It All Comes Down to Religion

Last night, May 2, the House of the Rhode Island General Assembly held hearings on three bills related to same sex marriage. I was in the area and stopped by after 5:00, decided to stay, listen and testify. I was allowed into the hearing room at about 5:45.

Compared to last year, attendance was light– but the crowd overflowed in to the hall and the secondary room they use for watching on video. Hearings started at the rise (around 4:00) and went on till after 9:00.

I was struck by the consistency of the arguments against marriage equality. Without exception the speakers cited religion–specifically, conservative Christianity. A man in clerical dress blasted the sixties as the root of all our problems– oblivious to the fact that bringing back the fifties would place some of us in legal segregation and others in legal second class status. There was some name dropping of medical or psychiatric authorities that I doubt would stand a Google search. Two men testified that they gave up being gay since they found Jesus, and are now celibate. They called other gay men to convert. Many speakers claimed to be full of love for the people they were characterizing as sinful by nature and requiring an orientation change.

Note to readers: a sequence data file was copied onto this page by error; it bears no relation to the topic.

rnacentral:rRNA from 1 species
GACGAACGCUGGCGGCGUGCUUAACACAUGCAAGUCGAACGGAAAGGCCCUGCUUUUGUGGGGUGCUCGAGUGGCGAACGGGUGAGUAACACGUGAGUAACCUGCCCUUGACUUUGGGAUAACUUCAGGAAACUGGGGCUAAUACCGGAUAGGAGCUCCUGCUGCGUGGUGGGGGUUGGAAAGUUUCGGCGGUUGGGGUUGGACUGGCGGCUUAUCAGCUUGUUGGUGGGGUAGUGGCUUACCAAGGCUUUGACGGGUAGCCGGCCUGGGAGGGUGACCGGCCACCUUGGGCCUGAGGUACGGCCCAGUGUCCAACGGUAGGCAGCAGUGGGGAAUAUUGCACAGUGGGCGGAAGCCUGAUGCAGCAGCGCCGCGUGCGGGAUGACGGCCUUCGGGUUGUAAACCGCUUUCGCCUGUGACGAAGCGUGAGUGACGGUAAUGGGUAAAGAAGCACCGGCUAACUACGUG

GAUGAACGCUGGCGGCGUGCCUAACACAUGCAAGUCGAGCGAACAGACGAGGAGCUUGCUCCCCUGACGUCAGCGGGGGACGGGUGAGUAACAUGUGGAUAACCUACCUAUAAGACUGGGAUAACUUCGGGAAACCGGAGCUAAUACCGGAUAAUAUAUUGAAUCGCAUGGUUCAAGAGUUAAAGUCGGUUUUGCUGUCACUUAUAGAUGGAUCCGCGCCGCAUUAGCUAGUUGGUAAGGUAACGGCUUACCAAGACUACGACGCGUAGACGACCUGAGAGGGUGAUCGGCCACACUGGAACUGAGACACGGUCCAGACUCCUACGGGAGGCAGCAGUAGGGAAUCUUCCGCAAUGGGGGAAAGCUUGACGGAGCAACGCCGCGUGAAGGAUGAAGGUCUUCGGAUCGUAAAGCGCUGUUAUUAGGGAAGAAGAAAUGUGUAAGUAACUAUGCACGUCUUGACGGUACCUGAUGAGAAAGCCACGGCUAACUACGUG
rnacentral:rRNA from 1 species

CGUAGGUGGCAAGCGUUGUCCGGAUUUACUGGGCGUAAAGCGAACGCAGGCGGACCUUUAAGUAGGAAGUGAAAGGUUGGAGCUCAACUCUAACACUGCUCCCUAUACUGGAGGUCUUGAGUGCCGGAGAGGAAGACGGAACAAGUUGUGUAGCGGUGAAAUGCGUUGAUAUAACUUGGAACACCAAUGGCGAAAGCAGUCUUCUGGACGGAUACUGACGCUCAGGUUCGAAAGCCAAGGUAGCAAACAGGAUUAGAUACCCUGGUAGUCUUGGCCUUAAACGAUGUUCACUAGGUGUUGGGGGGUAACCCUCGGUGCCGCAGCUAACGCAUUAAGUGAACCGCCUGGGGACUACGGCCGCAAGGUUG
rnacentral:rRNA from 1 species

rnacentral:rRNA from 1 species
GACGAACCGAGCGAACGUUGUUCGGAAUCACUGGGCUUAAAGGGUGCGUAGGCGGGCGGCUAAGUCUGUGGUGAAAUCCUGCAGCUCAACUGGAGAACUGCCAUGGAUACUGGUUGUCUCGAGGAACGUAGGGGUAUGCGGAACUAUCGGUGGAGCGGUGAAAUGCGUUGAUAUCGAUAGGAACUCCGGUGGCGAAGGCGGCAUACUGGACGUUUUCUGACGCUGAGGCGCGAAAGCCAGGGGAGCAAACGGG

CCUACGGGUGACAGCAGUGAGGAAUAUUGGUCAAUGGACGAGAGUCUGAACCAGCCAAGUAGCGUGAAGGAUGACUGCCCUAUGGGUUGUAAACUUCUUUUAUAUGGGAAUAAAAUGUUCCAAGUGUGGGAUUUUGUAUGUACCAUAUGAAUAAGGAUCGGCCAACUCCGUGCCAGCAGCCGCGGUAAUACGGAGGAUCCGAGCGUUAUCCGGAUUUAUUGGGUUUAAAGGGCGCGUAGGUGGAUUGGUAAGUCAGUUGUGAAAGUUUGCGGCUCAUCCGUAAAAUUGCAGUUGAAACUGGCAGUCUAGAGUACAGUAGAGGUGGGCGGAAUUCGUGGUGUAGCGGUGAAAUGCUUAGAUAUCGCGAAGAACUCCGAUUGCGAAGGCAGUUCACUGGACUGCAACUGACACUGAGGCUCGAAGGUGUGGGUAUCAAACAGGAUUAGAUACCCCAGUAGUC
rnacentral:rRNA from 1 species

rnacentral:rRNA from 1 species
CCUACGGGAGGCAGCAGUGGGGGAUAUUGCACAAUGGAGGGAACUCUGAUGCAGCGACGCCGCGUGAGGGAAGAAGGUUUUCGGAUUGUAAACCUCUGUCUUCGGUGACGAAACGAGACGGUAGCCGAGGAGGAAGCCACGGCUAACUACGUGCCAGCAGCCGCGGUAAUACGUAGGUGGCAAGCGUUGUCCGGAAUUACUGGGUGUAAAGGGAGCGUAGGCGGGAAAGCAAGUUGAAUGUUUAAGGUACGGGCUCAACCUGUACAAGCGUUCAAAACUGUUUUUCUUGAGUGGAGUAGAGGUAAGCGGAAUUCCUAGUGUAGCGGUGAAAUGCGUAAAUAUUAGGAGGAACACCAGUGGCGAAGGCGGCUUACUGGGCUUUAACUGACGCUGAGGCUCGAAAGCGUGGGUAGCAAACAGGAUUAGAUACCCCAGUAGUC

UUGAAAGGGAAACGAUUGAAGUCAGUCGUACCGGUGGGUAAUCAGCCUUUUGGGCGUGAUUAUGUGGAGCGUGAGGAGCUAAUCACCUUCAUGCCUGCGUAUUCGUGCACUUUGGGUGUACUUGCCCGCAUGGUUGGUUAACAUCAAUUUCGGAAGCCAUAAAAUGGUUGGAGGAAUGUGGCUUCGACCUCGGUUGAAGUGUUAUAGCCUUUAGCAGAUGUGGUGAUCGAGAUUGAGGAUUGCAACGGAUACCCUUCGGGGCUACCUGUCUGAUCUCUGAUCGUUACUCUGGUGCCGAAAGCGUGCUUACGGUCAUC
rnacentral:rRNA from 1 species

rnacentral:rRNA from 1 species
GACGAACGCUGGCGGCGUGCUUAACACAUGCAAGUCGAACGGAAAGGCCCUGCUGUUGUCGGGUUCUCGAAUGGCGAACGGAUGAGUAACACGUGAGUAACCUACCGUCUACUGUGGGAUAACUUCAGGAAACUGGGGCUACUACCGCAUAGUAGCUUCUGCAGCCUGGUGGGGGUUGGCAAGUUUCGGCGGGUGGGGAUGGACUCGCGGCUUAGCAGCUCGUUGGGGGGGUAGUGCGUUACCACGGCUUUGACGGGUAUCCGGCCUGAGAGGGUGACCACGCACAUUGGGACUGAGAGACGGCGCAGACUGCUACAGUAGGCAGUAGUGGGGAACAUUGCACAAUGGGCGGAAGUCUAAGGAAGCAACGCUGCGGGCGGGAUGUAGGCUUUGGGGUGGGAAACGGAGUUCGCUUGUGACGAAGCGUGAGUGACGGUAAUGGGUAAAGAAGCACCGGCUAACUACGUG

By contrast, pro-marriage speakers talked about their relationships, the legal and social advantages of legal marriage that they wanted to attain in this world, in their own home state. Tom Marlin,RN was one speaker who is in a long-term relationship he wants to have legally recognized. He sounded like he was reaching a point after years of this same scene playing out and said he hoped his testimony would act like Metamucil and promote peristalsis in the General Assembly so they would finally pass– actually a rather strained metaphor we might not want to take too far. Especially considering some of what the GA passes.

I was sitting next to a young woman named Kelly Reid, who testified that she is a military veteran, straight, and supports marriage equality as a matter of justice. Two young people spoke about growing up with two mothers, and how their families are no less ‘normal’ than any other families. Two clergy from the Old Catholic Church testified that they bless same sex marriage. Other religious people, a rabbi and ministers also testified in favor. It’s important to recognize that the loudest and most politically connected religious groups don’t represent all religious people.

Times like this I wish I was a reporter and not a tired blogger typing this out before work. I just have some general impressions–